The chainline, at 46 mm to the middle ring, ended up very slightly outboard of the standard 45 mm. This is pretty minor, but I do have a 118.5mm Mighty Tour Spindle, whereas the one used on this installation is 120mm. There appears to be enough stay clearance to move this in a bit, but like the chain, is such a minor issue that should I even address this, it will be when the system is taken apart for some other reason like routine maintenance.

The lowest gear, 34/30, is pretty low, but still not the stump pulling action that I had on the Trek 620 at 26/30. Conceivably, I could go to a 34 rear cog in the rear, possibly a TA small front ring at 33t, but I'll see if I really need this additional grunt.

Now, do I have to change the stay decal?

Thursday, April 16, 2009

Sugino Cranks, Christophe Toeclips, Etc.

My quest to acquire some vintage 110 BCD Sugino cranksets is beginning to pay off.

First, I swapped the frame for my decommissioned Trek 620, part of the loot from this included a curious Sugino Mighty Tour:

Apart from the non-factory paint, if you look closely at the pictures, you can see that the flute and the logo on the crankarms don't exactly match. On the drive side arm, the logo is a bit smaller and the flute is tapered compared to the non-drive side arm.

On the back side, we can see that the drive side arm is has the typical flute with "Mighty Tour" in raised letters, where the non-drive side has no flute or lettering.

Looking more closely, one can see that the drive side is NOS, never mounted:

Finally, the date codes don't match on the arms:

Being on different sides of the bike, no one would ever notice these details, but I'm officially looking for a perfect match, other than date code, for the drive side arm. It is pretty rare to find a set of these NOS, and I'm halfway there.

Swapping out some of the other parts from the Trek 620 yielded another Sugino Mighty Tour crankset:

This one is well used, but still very nice cosmetically. We can see that the 52 tooth big ring is drilled for a chainguard ring. Notice that these early triples used a 110 BCD innermost ring instead of the now commonplace 74 BCD:

These were just all stacked up on special long chainring bolt hardware. Also note that the non-driveside arm is engraved and emblazoned with "Mighty Tour". The outside flutes on this set seems more similar to the non-driveside arm fluting on the previously described set.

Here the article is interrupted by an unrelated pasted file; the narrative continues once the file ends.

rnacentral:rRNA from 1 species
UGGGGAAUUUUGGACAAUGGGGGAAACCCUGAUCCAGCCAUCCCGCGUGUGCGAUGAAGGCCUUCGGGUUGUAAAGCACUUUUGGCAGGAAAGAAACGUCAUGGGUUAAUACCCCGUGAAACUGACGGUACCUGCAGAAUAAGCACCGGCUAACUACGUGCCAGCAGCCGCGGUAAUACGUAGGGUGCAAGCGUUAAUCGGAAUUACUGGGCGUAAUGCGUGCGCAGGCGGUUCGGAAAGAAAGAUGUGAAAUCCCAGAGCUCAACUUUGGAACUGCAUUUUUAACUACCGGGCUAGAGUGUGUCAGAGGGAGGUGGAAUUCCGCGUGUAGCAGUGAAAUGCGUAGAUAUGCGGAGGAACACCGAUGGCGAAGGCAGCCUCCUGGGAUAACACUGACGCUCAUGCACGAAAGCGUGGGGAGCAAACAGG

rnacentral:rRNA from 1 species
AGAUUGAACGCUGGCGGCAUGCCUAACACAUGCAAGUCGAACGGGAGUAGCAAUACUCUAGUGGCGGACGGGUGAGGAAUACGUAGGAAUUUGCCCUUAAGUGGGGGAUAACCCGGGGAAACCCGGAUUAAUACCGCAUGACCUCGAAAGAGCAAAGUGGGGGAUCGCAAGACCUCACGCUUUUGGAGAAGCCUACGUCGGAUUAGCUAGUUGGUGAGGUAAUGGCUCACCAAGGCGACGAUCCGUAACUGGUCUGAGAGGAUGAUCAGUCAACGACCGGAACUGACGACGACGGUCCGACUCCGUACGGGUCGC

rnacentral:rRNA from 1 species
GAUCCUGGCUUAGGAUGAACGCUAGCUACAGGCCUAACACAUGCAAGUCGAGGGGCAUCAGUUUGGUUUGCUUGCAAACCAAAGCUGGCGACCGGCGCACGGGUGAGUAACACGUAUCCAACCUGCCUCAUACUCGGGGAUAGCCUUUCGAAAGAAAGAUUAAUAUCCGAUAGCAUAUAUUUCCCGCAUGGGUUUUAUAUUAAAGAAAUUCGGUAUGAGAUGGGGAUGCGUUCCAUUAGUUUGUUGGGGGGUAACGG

I then hopped over to The Bike Stand, which has a little vintage parts thing going on. Unlike some online vintage parts dealers, their prices, while not a giveaway, are fair and reasonable, items are as described, shipping is fast, and Steven Willis is an all around good guy to deal with - they get 5 Otakus (out of 5) on the vintage supplier rating scale.

I picked up a bottom bracket for the Mighty Tour, most of the parts are NOS, with the exception of the very cool adjustable cup, which still has lots of miles left in it.

The Mighty Tour/Mighty Compe cranks have the same taper as old NR/SR cranks, ISO, and spindle lengths, actually, the Mighty Compe cranksets overall were pretty much a copy of Campagnolo NR crankset, so this puts one in some competition with the vintage Campagnolo crowd for these parts.

Finally, I spent a little time putting some Velo Orange toe clip leathers on a nice old set of Christophe Special toe clips.

These leather covers are a wonderful little product that add a nice touch for only four dollars or so; I've taken to putting these on all my bikes. I've done enough of these that I can apply a set pretty quickly now, maybe 30 minutes total for all four covers.

I love the logos on these old clips:

That's all for now. Happy wrenching and riding.